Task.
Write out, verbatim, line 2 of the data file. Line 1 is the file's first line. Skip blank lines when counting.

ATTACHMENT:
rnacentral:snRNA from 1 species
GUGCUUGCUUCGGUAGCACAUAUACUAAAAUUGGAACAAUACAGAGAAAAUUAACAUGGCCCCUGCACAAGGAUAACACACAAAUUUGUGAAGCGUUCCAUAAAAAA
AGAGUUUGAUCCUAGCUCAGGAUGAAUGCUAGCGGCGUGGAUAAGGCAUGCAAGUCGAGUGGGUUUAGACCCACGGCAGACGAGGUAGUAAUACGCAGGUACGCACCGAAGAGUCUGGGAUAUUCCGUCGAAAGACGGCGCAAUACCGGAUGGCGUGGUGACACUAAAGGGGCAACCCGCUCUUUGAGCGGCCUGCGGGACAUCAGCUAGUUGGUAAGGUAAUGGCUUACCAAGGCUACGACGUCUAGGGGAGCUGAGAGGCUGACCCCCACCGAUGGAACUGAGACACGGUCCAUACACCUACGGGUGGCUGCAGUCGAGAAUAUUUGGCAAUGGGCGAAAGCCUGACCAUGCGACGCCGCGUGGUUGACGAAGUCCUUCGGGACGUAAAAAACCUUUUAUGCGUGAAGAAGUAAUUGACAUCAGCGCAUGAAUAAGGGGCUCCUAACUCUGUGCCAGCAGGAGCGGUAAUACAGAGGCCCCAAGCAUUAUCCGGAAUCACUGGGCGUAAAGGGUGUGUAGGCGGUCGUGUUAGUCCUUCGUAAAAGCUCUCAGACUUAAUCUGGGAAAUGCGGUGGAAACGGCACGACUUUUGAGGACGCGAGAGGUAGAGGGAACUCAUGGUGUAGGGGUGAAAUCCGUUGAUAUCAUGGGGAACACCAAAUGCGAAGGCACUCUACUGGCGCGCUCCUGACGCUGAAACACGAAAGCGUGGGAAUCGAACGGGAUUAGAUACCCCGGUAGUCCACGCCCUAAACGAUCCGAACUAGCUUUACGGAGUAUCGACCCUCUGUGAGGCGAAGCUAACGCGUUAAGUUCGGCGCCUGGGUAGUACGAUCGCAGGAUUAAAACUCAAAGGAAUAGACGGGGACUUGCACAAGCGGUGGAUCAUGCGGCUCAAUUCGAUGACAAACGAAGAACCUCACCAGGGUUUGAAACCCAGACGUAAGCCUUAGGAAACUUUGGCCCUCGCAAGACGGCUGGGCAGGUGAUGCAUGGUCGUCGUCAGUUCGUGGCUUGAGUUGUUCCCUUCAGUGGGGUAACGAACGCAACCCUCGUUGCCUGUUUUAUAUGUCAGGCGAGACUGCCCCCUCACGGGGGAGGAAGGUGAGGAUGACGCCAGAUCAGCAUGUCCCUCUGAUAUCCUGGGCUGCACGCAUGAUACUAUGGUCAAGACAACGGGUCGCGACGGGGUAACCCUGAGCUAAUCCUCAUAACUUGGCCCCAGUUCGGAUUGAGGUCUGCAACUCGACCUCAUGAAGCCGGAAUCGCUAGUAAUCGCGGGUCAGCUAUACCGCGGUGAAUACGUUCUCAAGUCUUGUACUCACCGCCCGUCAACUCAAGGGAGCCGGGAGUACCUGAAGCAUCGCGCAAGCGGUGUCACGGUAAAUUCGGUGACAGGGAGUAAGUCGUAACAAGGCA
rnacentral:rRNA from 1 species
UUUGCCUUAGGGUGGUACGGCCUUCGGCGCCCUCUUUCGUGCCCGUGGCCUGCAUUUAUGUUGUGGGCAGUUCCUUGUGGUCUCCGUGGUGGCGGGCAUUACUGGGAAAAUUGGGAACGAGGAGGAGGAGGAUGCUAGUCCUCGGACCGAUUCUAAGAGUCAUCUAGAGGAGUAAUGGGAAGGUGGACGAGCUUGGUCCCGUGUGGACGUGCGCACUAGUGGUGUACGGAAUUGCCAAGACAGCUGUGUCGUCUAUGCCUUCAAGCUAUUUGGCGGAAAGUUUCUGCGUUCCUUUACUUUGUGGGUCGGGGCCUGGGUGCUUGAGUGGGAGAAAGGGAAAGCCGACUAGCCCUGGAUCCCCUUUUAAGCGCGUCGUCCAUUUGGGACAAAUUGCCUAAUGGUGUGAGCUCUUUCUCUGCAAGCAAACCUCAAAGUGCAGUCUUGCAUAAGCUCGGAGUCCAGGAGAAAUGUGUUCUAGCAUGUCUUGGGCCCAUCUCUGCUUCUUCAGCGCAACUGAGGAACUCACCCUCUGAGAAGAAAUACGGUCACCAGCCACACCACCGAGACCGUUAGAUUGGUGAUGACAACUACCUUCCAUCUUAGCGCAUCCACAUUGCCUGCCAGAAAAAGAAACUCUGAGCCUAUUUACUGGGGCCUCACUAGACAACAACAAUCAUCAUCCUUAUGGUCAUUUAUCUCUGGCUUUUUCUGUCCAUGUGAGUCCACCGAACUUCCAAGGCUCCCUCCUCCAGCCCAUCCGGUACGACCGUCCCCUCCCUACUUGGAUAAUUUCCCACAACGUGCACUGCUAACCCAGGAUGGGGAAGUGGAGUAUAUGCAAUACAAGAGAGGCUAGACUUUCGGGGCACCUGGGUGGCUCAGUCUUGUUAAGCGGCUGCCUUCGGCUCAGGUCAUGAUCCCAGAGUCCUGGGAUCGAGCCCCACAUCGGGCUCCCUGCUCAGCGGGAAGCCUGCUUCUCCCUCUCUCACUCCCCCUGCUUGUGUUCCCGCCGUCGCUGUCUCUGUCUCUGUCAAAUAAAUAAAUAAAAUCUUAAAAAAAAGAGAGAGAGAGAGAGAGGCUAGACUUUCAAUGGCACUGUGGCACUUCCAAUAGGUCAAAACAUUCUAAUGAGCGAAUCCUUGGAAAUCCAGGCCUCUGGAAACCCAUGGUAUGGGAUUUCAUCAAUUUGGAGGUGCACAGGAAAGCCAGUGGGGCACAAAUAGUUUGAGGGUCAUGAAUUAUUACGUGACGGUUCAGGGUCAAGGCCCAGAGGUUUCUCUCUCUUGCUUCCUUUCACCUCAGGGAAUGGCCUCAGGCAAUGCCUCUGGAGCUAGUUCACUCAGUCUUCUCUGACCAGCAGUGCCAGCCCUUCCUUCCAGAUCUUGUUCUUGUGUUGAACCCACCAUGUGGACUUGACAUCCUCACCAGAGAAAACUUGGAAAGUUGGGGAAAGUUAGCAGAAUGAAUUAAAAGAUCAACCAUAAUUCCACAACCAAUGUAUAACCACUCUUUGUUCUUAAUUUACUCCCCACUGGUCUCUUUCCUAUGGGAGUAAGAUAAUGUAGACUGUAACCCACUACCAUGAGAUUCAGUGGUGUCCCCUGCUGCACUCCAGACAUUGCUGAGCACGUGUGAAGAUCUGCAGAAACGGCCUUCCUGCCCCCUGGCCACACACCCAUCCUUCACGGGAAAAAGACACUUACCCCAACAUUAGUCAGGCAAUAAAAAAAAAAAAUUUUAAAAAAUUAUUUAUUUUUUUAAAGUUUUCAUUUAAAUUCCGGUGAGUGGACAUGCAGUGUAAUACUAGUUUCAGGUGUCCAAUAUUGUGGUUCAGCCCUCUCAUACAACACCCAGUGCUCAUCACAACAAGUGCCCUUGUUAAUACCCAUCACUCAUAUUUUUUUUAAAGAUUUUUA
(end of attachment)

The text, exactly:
GUGCUUGCUUCGGUAGCACAUAUACUAAAAUUGGAACAAUACAGAGAAAAUUAACAUGGCCCCUGCACAAGGAUAACACACAAAUUUGUGAAGCGUUCCAUAAAAAA